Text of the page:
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Finding Balance - Living with--Deer!

Updated: Nov 23, 2022

- D. Delany, EAC Chair - photo credit, Jim Moffett

As deer hunting season approaches, it is normal to feel sad that many of these beautiful, gentle creatures will lose their lives. What is prettier than a mother deer and her fawns or the expression on a deer’s face?

The harsh reality is that deer are the most the most dangerous wild animal in Pennsylvania. In the past 5 years, they have caused 69 deaths and 6,208 injuries through car accidents. They are ruining crops, damaging future timber harvests, contributing to the dwindling numbers of pollinators and songbirds, and changing the state’s forest composition. And to further quote from the thorough and eye-opening article from Natural Lands “Finding Balance” - humans made it so.

There has never been this many deer in Pennsylvania. Today, there are three times the number of deer as there were 350 years ago, thanks to a combination of human forces – the killing off of deer’s natural predators, destruction of forest habitat, and a warming climate. This isn’t good for the deer themselves. Having so many deer clustered together exposes deer populations to new diseases and allows the diseases to spread rapidly.

And it certainly isn’t good for people.

Deer is a major host of ticks that carry human diseases such as Lyme Disease. Pennsylvania has the highest rate of Lyme Disease in the nation; Chester County has the highest rate of Lyme Disease in the state!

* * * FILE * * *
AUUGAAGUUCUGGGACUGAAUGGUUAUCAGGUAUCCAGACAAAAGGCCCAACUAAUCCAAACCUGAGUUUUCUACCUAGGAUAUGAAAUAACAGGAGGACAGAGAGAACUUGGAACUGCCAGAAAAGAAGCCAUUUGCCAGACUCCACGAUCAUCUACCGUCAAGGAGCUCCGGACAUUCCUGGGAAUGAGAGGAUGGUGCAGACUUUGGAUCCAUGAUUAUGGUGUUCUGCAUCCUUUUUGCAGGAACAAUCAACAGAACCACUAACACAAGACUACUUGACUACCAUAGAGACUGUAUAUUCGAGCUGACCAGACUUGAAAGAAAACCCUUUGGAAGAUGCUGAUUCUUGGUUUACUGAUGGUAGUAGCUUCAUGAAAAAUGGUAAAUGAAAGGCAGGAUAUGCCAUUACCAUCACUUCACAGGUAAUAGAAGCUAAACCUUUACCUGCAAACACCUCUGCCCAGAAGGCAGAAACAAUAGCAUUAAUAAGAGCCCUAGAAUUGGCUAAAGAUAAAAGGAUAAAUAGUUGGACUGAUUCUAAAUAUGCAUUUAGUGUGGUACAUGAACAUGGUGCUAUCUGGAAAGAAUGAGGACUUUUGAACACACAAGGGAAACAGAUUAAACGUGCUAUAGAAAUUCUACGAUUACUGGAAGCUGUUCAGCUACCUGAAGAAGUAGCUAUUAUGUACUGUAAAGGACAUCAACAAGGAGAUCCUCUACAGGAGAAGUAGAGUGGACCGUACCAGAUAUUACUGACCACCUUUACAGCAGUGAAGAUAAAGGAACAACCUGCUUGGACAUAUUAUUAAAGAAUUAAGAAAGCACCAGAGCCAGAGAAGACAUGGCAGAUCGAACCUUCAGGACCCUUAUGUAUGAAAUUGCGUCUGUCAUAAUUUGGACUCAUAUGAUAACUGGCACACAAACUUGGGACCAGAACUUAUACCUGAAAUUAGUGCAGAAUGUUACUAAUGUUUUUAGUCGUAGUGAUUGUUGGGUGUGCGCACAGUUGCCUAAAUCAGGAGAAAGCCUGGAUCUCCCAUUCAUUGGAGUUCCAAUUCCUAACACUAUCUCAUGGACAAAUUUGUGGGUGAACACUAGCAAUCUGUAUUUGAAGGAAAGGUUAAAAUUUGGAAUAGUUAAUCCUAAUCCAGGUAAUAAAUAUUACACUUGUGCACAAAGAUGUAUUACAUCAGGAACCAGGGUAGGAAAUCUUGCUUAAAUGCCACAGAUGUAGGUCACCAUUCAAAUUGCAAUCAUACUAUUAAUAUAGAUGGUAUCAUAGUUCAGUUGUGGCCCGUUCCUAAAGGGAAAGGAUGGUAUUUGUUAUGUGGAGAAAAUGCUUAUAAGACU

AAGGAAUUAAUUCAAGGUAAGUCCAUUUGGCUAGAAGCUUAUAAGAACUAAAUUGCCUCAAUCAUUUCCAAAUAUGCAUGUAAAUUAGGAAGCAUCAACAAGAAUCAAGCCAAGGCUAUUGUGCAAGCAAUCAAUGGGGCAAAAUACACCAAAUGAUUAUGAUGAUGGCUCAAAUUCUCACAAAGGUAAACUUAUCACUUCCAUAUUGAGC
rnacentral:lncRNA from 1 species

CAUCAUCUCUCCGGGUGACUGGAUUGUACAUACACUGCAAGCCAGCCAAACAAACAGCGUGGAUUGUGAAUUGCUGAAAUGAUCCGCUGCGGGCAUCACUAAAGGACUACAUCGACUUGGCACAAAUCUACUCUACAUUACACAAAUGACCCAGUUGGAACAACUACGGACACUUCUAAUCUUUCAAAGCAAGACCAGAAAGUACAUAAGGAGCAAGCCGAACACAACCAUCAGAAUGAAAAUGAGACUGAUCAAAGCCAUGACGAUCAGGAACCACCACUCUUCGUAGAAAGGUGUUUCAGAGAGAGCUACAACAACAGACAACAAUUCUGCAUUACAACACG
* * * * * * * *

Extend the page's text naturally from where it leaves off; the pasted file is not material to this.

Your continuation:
Deer over-population is harming pollinators and songbirds. Because there are more deer than ever and fewer woodlands than ever, deer are consuming native plants, shrubs, and young trees to the point where many of them are disappearing. This means no young native trees to replace our standing trees as they age and die. It means pollinators cannot find the food they need, and birds can’t find caterpillars to feed their young. The entire web of life, of which humans are a part, is out of balance.

So, the next time you see a hunter, please thank him or her for doing their part to bring balance back into our area.

This article was based on and partly excerpted from Natural Lands article, “Finding Balance.” For more information and the full story on deer overpopulation, read the whole article here:

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